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There is actually no need to define head hex sizes. Our British ancestors, to wit; Mr Whitworth, had a perfectly logical system. The spanner was determined by the important part, the bolt shank size, eg, a 5/16" fastener used a 5/16" marked spanner. He had determined what he considered the optimum hex size by calculation, that became a standard, and the man on the tools selected his tool to fit the relevant shank, easy.Another weird way of defining head hexagons is wanting a spanner for a BSW bolt 5/8 or so, you cannot tell from that type what size the hex head is across flats. Got a different screw with unknown thread, so what spanner will you hunt in your garage for this case ?? So get out a vernier and take the size. Then look up a file to compare that size to any norm that happens to have same spanner ?
Unfortunately, it came undone when the head size standard changed by 1/16" to BS, British Standard, that does create some confusion, and requires a little more simple education.
The real confusion came after WWII when Captain America bullied the British into "Unifying" thread systems across the pond on the premise that if they were to fight wars together again, then they should share a common thread system across their munitions to avoid some of the mechanical disasters which reputedly happened as a result of not being able to screw each others bits together. (for want of a better expression!)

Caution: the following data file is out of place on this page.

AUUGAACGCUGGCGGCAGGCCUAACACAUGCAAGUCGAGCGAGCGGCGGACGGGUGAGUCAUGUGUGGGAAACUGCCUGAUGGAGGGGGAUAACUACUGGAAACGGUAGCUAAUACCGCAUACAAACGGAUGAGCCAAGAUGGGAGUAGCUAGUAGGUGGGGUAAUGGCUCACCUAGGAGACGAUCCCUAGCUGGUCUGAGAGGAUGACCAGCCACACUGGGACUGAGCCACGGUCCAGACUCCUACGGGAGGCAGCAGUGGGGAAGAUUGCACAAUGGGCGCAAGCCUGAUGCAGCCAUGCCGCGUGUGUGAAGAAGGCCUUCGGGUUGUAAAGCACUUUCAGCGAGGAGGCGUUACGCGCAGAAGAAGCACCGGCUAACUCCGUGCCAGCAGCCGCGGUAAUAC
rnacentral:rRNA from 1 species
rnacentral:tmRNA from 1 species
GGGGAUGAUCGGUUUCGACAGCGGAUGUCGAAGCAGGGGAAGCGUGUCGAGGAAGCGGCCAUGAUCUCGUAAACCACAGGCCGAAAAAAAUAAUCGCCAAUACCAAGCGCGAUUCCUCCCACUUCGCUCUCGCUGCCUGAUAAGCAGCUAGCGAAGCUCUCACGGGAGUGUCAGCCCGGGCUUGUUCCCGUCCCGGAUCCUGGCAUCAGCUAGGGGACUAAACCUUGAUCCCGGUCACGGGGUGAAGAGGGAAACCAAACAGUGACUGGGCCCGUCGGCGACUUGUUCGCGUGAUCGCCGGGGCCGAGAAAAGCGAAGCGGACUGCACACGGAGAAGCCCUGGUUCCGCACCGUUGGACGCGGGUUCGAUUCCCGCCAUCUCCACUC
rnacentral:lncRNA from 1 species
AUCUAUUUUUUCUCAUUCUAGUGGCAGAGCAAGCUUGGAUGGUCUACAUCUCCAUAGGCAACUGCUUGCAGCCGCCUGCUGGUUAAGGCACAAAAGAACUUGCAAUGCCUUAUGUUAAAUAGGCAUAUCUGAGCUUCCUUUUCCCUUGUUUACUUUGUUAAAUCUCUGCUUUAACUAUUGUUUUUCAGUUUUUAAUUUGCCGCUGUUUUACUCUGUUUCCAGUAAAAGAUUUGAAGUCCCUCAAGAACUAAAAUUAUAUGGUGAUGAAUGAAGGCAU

The US conceded to a few minor changes to what had been SAE and called it "Unified"
They must have been a little disappointed when the UK "metricated" in the '70's along with us Antipodeans & the Canuks!
To bmetcalf & Mike 40M's point regarding vehicles which suffered the evolution of starting with BS Standard fasteners then progressed to Unified, British aircraft which had a longer life, could have every thread system known to industry, Whitworth, British Standard, Unified, and Metric, not to mention weirdo fractional inch hex sizes which fit neither BS nor AF standard spanner sizes. Long live Messers Rolls & Royce!